Posted on 25/4/07 by Tim Koschützki
Following up on yesterday's part 1 of this introduction we have to deal with the question why someone like you or me should use Test-driven Development. Why should someone take on very small steps in programming?
Why should we use Test-driven Development?
Test-driven Development is about managing fear in programming. We have all been in a situation where we had to tackle a complex programming problem where we couldn't see the end from the beginning. We are afraid of not getting the system to work - at least not without a long bugtrail. Fear in general, and particularly in programming, has a host of other effects, too:
- Fear makes you tentative.
- Fear makes you want to communicate less.
- Fear makes you shy away from feedback.
- Fear makes you grumpy.
- Fear makes you inferior.
- Fear gets you out of control.
None of these effects want to be experienced - especially not in programming. When you are tackling one of these very hard programming problems, these effects of fear can be the reason for the project to fail. They can be the reason for you to fail. Test-driven Development is about eliminating fear when programming.
How should we tackle a difficult programming situation?
- Instead of being tentative, begin learning concretely as fast as possible.
- Instead of hiding in your pit, get out and communicate more clearly.
- Instead of avoiding feedback, go out and ask people for feedback.
- Instead of getting inferior and out of control, work on being superior all the time.
- Avoid getting grumpy - life's too short to waste your energy. :)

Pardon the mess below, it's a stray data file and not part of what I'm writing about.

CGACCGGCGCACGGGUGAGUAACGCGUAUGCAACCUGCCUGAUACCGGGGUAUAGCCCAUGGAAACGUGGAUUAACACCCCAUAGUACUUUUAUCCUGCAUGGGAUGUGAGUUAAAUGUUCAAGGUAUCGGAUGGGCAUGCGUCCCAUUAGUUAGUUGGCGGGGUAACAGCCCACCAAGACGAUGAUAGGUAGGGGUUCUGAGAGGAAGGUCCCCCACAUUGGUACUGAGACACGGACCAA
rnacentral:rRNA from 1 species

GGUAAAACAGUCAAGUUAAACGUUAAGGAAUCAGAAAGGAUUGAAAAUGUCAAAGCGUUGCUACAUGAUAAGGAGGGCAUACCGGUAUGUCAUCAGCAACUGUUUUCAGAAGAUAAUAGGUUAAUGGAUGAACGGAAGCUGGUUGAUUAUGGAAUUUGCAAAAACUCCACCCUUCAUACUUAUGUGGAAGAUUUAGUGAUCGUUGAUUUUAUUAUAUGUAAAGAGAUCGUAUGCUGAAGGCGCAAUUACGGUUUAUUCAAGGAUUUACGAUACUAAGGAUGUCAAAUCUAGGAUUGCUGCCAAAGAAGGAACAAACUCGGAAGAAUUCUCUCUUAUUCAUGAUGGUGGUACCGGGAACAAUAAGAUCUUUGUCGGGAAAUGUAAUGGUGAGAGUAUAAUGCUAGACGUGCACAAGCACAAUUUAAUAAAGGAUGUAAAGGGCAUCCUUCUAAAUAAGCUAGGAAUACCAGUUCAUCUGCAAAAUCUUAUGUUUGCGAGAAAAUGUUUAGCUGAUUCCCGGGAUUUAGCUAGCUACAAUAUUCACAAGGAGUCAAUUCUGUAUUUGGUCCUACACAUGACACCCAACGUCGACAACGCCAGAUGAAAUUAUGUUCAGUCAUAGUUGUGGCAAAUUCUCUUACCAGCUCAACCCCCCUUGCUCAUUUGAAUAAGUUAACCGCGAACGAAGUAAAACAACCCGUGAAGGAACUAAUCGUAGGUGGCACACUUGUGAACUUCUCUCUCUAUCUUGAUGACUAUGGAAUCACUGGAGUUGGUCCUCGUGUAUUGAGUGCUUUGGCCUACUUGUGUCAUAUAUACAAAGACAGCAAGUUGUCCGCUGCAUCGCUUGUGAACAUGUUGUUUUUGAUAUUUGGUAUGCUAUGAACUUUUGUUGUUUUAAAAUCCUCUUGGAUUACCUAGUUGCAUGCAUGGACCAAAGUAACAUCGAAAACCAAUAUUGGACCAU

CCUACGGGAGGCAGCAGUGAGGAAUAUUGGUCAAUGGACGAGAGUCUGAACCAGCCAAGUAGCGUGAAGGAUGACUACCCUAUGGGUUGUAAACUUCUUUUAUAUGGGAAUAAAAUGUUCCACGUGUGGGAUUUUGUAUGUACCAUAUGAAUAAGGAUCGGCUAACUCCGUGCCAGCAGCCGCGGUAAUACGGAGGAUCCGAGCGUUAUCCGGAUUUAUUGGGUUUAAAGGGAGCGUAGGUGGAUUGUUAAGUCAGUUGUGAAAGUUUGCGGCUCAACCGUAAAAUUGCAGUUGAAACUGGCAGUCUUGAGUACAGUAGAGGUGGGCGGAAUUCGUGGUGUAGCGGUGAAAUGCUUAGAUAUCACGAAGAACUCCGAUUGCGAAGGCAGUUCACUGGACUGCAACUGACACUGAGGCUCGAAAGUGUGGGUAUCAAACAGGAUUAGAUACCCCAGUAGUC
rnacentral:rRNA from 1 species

Programming is like facing all other sorts of tasks. When you break a big task up into small chunks you cannot only measure your progress, but you can also better organize yourself and get the task done. The tests in Test-driven Development are like subtasks of the one big task - the project. Once we get one test working, we got it working forever. If it fails, we can quickly fix it up. The important thing to note is that we have someone (our tests) notifying us about crashes in our application.
With another test working we are one step closer to getting the overall system to work. When one test fails, we didn't go one step back. We went forward another one, because our code taught us a lesson about itself - about its relation to other code, input, etc.
Should we always use Test-driven Development?
I am a firm believer in Test-driven Development. However, some people like Kent Beck - author of Test-driven development by Example, say that it's also good enough to revert to your ordinary programming practices as long as you reserve TDD for special occasions. However, there are occasions where TDD is still insufficient.
Think of PHP security. Of course you can test whether your security barriers work. However, you cannot test whether your security methods are efficient enough to make hacking the system impossible.
Getting setup with Test-driven Development
There are numerous frameworks for using Test-driven Development with PHP. The two most popular ones are PEAR's PHPUnit and SimpleTest. I very much prefer the latter, because it has an easy-to-use Eclipse plugin, my preffered IDE / Editor. However, SimpleTest is not limited to Eclipse. You can of course use the framework with any IDE or set up, simply by including the appropriate SimpleTest files within your code.
I would like you to download SimpleTest follow the installation instructions in the readme. Then you can play around with it already and tomorrow we will really delve into the topic of Test-Driven Development. :)
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